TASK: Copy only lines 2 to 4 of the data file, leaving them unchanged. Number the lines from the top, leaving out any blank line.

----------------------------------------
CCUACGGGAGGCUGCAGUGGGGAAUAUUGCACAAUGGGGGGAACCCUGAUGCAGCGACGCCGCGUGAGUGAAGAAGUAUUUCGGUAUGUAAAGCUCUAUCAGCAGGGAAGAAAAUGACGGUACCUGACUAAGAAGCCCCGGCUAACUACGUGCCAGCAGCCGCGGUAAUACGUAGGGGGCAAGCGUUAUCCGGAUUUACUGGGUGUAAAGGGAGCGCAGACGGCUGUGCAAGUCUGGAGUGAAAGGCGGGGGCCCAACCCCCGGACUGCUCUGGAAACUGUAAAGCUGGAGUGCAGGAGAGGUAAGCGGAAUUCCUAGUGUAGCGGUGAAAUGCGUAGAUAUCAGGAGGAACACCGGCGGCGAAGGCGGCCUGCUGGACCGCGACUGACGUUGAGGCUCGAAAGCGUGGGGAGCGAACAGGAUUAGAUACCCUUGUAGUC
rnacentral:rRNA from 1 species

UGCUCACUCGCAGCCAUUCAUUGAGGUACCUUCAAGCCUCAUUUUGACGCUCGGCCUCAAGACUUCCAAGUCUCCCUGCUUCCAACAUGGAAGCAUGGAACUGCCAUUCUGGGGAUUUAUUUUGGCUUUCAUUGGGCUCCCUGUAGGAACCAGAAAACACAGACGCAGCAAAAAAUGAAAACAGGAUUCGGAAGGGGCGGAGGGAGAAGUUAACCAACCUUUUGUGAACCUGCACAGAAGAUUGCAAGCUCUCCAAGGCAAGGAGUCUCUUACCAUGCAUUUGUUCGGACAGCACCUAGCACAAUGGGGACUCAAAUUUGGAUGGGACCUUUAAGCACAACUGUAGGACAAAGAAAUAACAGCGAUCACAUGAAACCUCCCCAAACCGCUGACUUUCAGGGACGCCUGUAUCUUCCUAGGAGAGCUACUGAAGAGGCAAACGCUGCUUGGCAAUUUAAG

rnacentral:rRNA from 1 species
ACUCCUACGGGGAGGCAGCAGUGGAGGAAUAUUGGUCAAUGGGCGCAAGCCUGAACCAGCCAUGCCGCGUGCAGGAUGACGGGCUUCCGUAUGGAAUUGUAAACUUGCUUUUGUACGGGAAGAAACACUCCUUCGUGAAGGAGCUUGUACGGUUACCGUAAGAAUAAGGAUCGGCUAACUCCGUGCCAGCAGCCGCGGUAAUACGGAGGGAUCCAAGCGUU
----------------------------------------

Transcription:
rnacentral:rRNA from 1 species

UGCUCACUCGCAGCCAUUCAUUGAGGUACCUUCAAGCCUCAUUUUGACGCUCGGCCUCAAGACUUCCAAGUCUCCCUGCUUCCAACAUGGAAGCAUGGAACUGCCAUUCUGGGGAUUUAUUUUGGCUUUCAUUGGGCUCCCUGUAGGAACCAGAAAACACAGACGCAGCAAAAAAUGAAAACAGGAUUCGGAAGGGGCGGAGGGAGAAGUUAACCAACCUUUUGUGAACCUGCACAGAAGAUUGCAAGCUCUCCAAGGCAAGGAGUCUCUUACCAUGCAUUUGUUCGGACAGCACCUAGCACAAUGGGGACUCAAAUUUGGAUGGGACCUUUAAGCACAACUGUAGGACAAAGAAAUAACAGCGAUCACAUGAAACCUCCCCAAACCGCUGACUUUCAGGGACGCCUGUAUCUUCCUAGGAGAGCUACUGAAGAGGCAAACGCUGCUUGGCAAUUUAAG

rnacentral:rRNA from 1 species